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You can try using either of the two Motion JPEG codec's available with Quicktime and see if either of those works after renaming the extension. Motion JPEGs are kind of a major pain though because it's literally just a sequence of JPEG images for each frame within the video and the exact specifications of the container can vary. This can result in files ...


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Not sure on the AVI but kept searching and found http://sketchucation.com/forums/viewtopic.php?f=11&t=18827 What OS are you using? Vista 64 bit has codec issues, so if it is indeed a Vista 64 bit you need to export as a series of images (which is best anyway) and compile it in after effects. I'm on Windows 7 so don't know why it was an issue ...


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I don't think you will find a single clear tutorial as you are talking about a very very broad field and talking about multiple aspects of it. Many, many, many tutorials exist for help with encoding for YouTube or encoding for Bluray. In fact, most Bluray authoring software has pretty good walkthroughs in their help. Youtube itself outlines the basics for ...


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When video or audio data is compressed, it works by two different mechanisms. The first (which is the only one used by lossless compression) is to look for patterns that are repeated. When patterns are found, it can store the data once and reference the stored copy. The second is only used lossy compression and involves discarding the least significant ...


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While it can't go direct to H.264, VirtualDub I believe can work with Vfw codecs and can transcode to something more compatible with your other tools. I don't know if Quicktime for Windows supports Vfw codecs or not, but I do believe the Pro version of Quicktime supports H.264 encoding. If you have Adobe Media Encoder, it would also easily do what you ...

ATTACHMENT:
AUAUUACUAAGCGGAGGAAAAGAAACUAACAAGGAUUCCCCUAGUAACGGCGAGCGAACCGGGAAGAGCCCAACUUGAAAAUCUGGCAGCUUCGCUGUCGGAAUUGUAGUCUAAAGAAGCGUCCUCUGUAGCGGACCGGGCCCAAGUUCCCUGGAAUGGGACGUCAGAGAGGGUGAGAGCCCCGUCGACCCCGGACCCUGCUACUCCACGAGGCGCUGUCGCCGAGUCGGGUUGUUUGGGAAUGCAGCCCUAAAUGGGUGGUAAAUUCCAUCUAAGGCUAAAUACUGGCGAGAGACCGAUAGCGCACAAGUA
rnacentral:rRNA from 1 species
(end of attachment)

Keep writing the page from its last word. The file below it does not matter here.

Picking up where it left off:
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First off, codec packs are often more problem than they are worth. They tend to cause conflicts as much or more than resolve them. You are far better off targeting the particular codec that is needed. If you look at the information about the clip, it should indicate the codec that is used within the MOV and you should then be able to get that particular ...


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For archiving VHS I suggest using MPEG2 720x576 as the best format in terms of quality/space. DV is 12 GB per hour, but this is the best format for editing. H264 takes up much less space, but it is the delivery format, not for editing. MPEG2 is a compromise. In addition, you can burn them to DVD w/o reconverting.


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It can depend on the compression used, but generally yes, there will be a loss of quality, particularly if there is any alteration to the video. For a fairly low compression format like DV it probably isn't going to be much, but the best bet, if the format supports it, is to append the stream data and alter the file such that it has the necessary format or ...


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Try applying a de-interlace and make sure that the preview window is at full quality. If you play back interlaced footage as progressive without deinterlacing, then every other frame only has half the normal information which would look pretty bad. You should be able to adjust it under Interpret Footage from the footage properties.